[t]he great problem for medical research … is the chasm between the society's general interest in medical progress and the individual interest of the patient involved. Resolving these two conflicting interests is the task of the law.1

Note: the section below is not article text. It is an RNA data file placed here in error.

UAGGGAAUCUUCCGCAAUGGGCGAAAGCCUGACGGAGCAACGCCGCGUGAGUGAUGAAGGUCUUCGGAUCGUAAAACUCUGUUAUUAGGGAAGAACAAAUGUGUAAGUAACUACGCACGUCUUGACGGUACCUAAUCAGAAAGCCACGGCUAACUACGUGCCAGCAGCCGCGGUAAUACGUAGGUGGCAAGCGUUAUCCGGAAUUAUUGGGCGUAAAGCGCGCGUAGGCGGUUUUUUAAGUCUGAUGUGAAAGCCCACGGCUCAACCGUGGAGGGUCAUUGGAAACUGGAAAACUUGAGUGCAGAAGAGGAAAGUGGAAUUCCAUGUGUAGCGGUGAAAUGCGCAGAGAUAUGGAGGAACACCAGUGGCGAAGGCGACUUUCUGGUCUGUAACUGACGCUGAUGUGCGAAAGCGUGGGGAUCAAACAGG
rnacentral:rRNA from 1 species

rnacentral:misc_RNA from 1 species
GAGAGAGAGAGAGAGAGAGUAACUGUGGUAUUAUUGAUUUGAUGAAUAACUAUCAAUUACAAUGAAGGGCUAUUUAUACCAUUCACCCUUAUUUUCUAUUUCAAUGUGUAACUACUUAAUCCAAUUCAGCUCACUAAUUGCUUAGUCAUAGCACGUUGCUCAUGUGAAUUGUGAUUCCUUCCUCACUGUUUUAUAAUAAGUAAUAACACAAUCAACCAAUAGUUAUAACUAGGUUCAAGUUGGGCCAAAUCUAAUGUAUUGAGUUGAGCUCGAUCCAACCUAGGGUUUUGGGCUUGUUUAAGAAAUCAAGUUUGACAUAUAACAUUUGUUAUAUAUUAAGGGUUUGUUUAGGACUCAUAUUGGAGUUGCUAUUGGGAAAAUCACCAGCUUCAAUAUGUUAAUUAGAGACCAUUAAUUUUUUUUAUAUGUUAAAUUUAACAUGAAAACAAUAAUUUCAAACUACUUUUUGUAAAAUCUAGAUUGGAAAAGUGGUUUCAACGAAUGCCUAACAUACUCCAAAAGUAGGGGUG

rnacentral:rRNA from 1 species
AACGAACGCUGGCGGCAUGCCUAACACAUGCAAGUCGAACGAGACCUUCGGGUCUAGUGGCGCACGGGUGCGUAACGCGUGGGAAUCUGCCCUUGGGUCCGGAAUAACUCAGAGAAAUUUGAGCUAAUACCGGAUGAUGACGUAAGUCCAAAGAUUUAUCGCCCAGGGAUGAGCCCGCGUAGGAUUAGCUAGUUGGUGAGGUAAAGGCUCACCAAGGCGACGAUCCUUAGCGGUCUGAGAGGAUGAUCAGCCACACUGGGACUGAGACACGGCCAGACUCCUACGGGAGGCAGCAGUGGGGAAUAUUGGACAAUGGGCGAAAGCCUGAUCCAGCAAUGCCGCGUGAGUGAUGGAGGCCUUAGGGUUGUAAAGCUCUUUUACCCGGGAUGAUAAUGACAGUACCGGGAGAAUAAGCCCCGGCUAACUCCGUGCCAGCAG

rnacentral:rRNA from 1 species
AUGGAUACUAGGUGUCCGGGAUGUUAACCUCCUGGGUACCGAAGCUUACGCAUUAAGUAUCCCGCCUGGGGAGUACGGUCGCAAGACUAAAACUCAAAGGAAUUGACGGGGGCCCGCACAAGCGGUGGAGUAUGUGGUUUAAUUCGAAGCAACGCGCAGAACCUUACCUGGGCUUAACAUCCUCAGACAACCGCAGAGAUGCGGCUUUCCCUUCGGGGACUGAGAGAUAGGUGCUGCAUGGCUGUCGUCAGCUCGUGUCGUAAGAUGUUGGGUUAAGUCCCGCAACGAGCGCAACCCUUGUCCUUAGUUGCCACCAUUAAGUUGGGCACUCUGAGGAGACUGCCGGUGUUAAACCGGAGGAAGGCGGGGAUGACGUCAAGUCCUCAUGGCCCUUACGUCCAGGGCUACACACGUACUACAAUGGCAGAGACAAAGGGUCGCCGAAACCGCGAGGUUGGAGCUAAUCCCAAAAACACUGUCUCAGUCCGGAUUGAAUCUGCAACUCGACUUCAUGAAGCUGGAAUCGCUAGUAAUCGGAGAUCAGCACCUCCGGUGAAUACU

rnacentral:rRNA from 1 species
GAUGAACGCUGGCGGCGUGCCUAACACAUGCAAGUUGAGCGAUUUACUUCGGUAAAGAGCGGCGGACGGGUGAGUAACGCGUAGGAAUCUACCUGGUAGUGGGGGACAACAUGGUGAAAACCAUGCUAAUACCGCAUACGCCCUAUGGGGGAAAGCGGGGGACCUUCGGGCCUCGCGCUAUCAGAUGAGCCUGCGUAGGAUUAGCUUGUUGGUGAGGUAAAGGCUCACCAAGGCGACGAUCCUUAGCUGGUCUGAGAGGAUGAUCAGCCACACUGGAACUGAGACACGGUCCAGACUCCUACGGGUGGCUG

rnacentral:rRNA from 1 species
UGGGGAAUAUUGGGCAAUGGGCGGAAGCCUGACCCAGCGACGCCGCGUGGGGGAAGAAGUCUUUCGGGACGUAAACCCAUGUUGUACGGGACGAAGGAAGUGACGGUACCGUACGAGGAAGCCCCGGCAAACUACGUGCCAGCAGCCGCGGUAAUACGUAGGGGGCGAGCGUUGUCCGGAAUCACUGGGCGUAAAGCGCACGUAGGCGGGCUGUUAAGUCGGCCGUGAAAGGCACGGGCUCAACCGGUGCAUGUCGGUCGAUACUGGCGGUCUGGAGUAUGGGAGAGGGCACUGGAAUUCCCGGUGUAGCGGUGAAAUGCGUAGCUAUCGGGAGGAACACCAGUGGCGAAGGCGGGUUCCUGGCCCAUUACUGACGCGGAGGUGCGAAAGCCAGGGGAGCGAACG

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Research involving humans raises many ethical and legal issues, and its regulation essentially involves balancing the interests of the health professional/researcher conducting the trial, with those of medical science and progress generally, and the welfare of the humans who participate in it. While much has been written about the regulation of research, in this article I explore an under-considered aspect of the area—the selection of participants. The importance of clinical trials, participant selection and ‘informed consent’ was dramatically highlighted by the Phase 1 clinical trials of TGN1412, held in London in March 2006.2 TGN1412...

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